There is almost always an element of overlap in dual-brand strategies, but more recently at SIA-Scoot and Qantas-Jetstar it seems gains at one brand are coming at the sharp expense of the other. Adjustment is needed. Qantas, facing an unprofitable domestic market, is most pressured to make changes.
Scoot has unveiled plans to launch service to Perth, which will become the Singapore Airlines long-haul low-cost subsidiary’s 12th and final destination to be served as part of its initial six-aircraft 777-200 operation. Scoot has quickly expanded since launching in Jun-2012 but after placing into service its sixth 777 in Nov-2013 will take a one-year hiatus from expanding until its first of 20 787s arrive in late 2014.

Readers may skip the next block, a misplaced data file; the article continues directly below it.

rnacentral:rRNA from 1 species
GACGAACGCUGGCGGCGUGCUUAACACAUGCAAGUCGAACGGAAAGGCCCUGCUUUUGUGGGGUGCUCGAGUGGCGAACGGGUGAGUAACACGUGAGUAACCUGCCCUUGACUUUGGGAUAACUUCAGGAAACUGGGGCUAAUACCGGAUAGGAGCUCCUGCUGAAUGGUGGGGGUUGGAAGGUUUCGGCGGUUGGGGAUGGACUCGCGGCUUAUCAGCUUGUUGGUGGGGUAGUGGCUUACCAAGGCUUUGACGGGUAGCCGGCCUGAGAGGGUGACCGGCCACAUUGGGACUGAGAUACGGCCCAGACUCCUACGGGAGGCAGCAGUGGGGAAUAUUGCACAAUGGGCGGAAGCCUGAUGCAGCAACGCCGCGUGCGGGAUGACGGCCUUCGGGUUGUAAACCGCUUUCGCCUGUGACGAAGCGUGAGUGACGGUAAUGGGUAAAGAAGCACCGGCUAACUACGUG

In an unusual but logical move, Scoot has decided to lease its sixth 777 from SIA and keep the aircraft in SIA configuration. This enables the carrier to save on retrofit costs but will lead to higher per seat costs until the aircraft is replaced with a 787-8 in 2015.
Scoot has emerged as an important tool to expand SIA’s already leading presence in the key markets of Australia and Greater China. Perth will be Scoot’s third Australian destination while its other previously announced new upcoming destination, Hong Kong, will be Scoot’s sixth destination in Greater China. The carrier also serves Bangkok, Seoul and Tokyo.
Virgin Australia and Tigerair Australia are beginning to flex their muscles with Tigerair Australia making its first strategic move since becoming part of the Virgin Australia Group in Apr-2013 by launching direct services between Sydney and Perth as the carrier takes delivery of its 12th A320 in Dec-2013.
Virgin Australia meanwhile has taken another step to challenge Qantas’ domestic regional network domination with the launch of the first direct link between its home base of Brisbane and Cloncurry.